1. Not sure how/why the bearing in the flow regulator corroded since my cleanings after use have always been just clear water followed by air drying. I was surprised to see the corrosion and even more surprised after “sanding” the bearing to discover that it was NOT made of stainless steel! Believe there’s a design lesson to learn here - are you listening Buon Vino? Use SS bearings in the flow regulator (flow regulator screw and spring would be nice too!) to avoid aggravated customers and poor product reviews in the future.
  2. Always “calibrate” the filler with water as opposed to your hard earned wine.
  3. Remember, the filler needs a good head pressure to work properly so be sure and have your carboy elevated sufficiently above the bottles you’re filling. I generally have about 3-4 feet difference.
  4. There will always be some trial and error involved when you begin so spend a little time dialing the flow in and then fill 10-12 bottles with water just to be sure before you start on the good stuff.
Hope this helps and happy bottling. I plan to continue to use my Buon Vino Supper Automatic Filler until it completely gives up the ghost - and then I’ll probably buy another one!!!!!!!!!!!!!!!!

John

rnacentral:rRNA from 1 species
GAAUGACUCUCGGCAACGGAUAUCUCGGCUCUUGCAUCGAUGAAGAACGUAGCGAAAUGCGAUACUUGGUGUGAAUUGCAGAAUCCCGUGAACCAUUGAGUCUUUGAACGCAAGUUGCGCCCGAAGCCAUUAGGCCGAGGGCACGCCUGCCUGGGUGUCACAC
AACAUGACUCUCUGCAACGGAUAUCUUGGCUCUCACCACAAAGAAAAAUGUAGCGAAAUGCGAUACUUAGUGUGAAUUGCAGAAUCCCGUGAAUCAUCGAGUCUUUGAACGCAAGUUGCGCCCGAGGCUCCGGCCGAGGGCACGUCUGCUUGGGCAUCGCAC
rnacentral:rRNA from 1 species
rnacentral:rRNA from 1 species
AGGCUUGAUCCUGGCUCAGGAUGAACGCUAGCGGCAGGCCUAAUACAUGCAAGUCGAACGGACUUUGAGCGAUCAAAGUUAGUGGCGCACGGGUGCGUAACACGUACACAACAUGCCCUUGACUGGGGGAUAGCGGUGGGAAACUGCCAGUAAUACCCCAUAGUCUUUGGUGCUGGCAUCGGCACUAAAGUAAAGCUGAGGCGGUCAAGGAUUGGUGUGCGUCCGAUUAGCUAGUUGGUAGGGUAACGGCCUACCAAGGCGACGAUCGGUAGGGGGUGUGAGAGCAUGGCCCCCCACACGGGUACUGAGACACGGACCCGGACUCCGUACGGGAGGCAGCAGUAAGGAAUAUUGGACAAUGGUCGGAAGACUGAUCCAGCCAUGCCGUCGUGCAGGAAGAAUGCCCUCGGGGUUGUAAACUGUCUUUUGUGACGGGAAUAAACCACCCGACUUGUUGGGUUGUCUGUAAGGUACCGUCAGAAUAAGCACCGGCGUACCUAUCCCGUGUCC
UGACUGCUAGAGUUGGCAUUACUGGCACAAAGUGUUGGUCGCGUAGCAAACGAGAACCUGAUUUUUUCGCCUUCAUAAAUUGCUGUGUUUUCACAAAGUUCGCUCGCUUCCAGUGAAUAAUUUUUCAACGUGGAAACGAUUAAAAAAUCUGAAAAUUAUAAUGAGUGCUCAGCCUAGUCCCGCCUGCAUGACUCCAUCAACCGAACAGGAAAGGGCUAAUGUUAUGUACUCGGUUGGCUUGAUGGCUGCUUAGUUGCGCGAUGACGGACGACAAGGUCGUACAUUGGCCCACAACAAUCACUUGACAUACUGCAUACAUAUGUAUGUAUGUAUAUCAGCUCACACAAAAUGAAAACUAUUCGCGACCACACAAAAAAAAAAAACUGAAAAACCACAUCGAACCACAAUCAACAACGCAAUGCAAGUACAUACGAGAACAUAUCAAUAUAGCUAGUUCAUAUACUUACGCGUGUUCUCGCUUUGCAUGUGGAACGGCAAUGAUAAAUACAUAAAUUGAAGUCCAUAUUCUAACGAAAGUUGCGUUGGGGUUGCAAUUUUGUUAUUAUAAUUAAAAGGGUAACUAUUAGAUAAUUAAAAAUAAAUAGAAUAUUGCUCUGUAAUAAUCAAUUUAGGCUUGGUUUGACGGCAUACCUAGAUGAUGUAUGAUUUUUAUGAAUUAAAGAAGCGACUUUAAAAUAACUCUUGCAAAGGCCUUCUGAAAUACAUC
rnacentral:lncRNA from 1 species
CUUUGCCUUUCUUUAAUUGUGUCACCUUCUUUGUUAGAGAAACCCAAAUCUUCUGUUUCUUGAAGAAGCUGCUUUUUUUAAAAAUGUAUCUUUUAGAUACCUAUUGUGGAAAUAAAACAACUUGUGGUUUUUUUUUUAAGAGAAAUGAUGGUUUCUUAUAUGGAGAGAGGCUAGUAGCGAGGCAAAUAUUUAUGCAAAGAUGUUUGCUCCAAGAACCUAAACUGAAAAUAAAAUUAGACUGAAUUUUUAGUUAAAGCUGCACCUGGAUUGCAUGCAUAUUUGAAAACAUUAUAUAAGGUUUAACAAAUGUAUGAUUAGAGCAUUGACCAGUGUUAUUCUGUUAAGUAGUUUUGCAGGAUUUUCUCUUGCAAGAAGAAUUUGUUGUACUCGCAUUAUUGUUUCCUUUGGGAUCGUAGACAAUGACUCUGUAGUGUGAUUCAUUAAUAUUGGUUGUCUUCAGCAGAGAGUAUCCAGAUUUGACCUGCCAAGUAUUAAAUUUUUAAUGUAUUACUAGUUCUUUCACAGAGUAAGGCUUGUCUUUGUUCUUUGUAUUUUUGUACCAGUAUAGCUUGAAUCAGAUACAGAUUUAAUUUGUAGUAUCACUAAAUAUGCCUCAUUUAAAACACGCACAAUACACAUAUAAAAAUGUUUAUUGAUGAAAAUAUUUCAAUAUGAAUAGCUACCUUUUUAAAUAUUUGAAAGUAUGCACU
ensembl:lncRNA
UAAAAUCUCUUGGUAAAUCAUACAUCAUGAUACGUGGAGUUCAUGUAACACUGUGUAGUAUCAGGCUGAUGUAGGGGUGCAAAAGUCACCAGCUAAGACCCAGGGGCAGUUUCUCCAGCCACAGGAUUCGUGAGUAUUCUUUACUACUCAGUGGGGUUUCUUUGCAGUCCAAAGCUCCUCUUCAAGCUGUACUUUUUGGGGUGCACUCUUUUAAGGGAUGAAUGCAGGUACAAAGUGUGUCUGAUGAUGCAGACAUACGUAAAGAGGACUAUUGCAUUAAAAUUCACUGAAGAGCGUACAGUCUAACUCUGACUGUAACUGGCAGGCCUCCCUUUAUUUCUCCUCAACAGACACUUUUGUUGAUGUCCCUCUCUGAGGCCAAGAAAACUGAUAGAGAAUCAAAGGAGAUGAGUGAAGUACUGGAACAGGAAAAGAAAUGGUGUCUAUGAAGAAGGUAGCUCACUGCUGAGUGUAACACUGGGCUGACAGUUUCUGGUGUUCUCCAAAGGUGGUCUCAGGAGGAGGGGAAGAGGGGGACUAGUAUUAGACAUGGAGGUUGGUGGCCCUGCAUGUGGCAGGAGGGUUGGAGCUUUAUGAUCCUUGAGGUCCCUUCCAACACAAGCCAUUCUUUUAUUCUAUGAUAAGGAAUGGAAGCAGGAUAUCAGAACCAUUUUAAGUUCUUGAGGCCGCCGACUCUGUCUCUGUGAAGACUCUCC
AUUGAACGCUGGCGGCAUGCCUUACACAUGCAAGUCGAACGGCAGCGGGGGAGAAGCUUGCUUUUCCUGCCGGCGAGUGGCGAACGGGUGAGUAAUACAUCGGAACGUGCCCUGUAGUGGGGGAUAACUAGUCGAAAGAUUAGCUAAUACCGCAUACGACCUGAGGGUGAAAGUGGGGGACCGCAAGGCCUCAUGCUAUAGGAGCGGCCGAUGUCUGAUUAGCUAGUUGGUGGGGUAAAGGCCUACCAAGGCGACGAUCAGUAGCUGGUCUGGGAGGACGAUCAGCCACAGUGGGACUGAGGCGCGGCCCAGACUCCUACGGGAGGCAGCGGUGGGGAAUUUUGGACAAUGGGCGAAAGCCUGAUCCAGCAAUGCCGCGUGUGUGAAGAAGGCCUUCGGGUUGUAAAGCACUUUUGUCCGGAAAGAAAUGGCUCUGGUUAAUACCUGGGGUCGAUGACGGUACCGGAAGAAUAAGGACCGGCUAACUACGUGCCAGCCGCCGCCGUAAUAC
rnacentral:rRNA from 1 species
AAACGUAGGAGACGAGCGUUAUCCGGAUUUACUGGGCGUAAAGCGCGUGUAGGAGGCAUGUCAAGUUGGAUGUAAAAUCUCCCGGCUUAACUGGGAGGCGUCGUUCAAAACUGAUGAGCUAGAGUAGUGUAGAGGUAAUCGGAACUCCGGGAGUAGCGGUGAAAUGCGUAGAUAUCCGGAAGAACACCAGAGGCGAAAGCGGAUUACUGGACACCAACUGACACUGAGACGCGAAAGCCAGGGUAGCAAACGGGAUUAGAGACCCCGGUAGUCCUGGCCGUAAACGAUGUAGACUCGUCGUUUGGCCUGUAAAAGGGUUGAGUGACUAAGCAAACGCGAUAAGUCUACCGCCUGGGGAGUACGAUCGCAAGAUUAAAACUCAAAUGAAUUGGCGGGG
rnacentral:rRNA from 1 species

I have found multiple design flaws in the Super Automatic Bottle filler. To begin with a stainless ball bearing should be used. Secondly, the wire that fits down the clear tube has a sharp edge. I removed it and with a pair of needle nose pliers, turned a loop on the end so there is a soft edge against the clear tubing. I have always ran Kmeta through the filler when finished bottling and thought it would extend the life. Not true. Recently, the filler just wouldn’t work properly and this was after using it only three times and storing. Before use I always run sanitizing solution through it. This time I held the head up to a light and noticed a black solution swishing around. I removed the adjustment screw, by the way it’s a 3mm Allen wrench, and still could not get all the solution out. I was left with no choice but to remove all the screws to see what was going on inside. To my surprise, I found some clear solution but also a slimy black sludge that never rinsed out. I think it is impossible to rinse the head in its current form. There should probably be a drain plug on the bottom black piece to insure getting everything out. Upon closer inspection, I found a slice on the inner diaphragm where it slides onto the inner post. See photo. Also I think the mental adjustment screw is a mistake. Metal threads on nylon is not a good combination. Should be all metal. Bottom line. I emailed the company and they are sending me a new filler free of charge. I will definitely remove the wire and sediment cap on the bottom. No need for them as I rack to a bucket and fill from there.